Meat processing facility expected to open in April

Deputy Chief Bryan Warner, left, and Principal Chief Chuck Hoskin Jr. tour the building that will house a Cherokee Nation meat processing facility, which is expected to open in April. 

TAHLEQUAH – Working past some delays due to the pandemic, the Cherokee Nation is planning to open its meat processing facility in the coming weeks with limited operations.

Todd Enlow, answering questions from the Tribal Council’s Resource Committee, mentioned a probable “April time frame” for the plant’s opening.

Enlow said an additional 3,000 feet will include freezer space to reduce losses, resulting in a total floor space of 15,000 feet.

“We chose to go with a custom processing plant,” Enlow said.

With custom processing, CN citizens and non-citizens can bring cows or pigs to the facility to be processed, and the meat is returned to the customer. The plant is configured to process cattle, pigs and deer. It will also be able to process bison in anticipation of harvests from the CN buffalo herd.

“That resulted in us redesigning the whole structural steel system to be able to process a fully grown bull buffalo – it needs to be 20 feet tall,” Enlow said. “We’re trying to grow the herd and manage it properly so that we can actually begin to process meat on a quarterly basis, and augment or supplement either elder nutrition programs or food distribution programs.”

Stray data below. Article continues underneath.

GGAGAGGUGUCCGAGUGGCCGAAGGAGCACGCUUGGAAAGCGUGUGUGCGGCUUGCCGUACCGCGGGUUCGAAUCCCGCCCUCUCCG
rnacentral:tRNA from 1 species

Enlow used an analogy of “crawl, walk, run” to explain that processing operations would start on a limited scale, but eventually expand.

“The crawl is the custom processing,” he said. “Initially, this will feel a little small for the size of the building. We have enough allocation to initially staff 10 people. We will be open to citizens. We are looking at the pricing structure. We will be open to the public, but there will be a discount for Cherokee citizens. Someone not affiliated with the Cherokee Nation will pay a higher rate than a Cherokee citizen.”

After a few months of operation and experience, the CN can move toward the “walk.”

Enlow said the CN could opt for a state-inspected facility, which would permit the sale of its meat products throughout Oklahoma, or a USDA-inspected site, which could sell its products nationwide.

“USDA requires an onsite inspector,” Enlow said. “They come in and have a full-blown office inside that facility. We could sell and process that meat outside the state of Oklahoma. That facility is designed for us to go to USDA. We won’t initially use it, but we want to make sure we can process and take the steps to maintain good safety and good protocols to make sure we do this correctly.”

Plans for a meat processing facility were first announced by Principal Chief Chuck Hoskin Jr. and Deputy Chief Bryan Warner on Oct. 9, 2020. It is sited on tribal land west of Tahlequah.

Initial plans called for a gradual growth of the operations, but called for seven workers and 12,000 square feet instead of 10 employees and 15,000 square feet. The early estimates also expected a cost of about $1 million.

With the COVID-19 pandemic interrupting food shipments when it first struck, the CN saw advantages to having access to its own meat supply when citizens might face food insecurities.

“During the COVID-19 pandemic, beef and other meat sources were harder to supply to elders through emergency food distributions, and opening a meat processing facility will help sustain foods for Cherokee citizens and bring in jobs and agricultural opportunities for the Tribe,” a written CN announcement stated.